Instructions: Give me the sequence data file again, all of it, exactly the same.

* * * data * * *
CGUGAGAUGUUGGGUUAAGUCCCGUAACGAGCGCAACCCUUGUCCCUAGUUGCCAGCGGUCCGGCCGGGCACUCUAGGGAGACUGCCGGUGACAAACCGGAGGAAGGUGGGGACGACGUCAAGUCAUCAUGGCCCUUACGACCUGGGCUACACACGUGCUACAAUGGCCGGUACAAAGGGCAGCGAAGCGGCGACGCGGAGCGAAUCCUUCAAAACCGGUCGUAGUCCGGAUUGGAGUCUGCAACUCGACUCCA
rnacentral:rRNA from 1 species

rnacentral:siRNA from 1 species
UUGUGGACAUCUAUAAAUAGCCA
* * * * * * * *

CGUGAGAUGUUGGGUUAAGUCCCGUAACGAGCGCAACCCUUGUCCCUAGUUGCCAGCGGUCCGGCCGGGCACUCUAGGGAGACUGCCGGUGACAAACCGGAGGAAGGUGGGGACGACGUCAAGUCAUCAUGGCCCUUACGACCUGGGCUACACACGUGCUACAAUGGCCGGUACAAAGGGCAGCGAAGCGGCGACGCGGAGCGAAUCCUUCAAAACCGGUCGUAGUCCGGAUUGGAGUCUGCAACUCGACUCCA
rnacentral:rRNA from 1 species

rnacentral:siRNA from 1 species
UUGUGGACAUCUAUAAAUAGCCA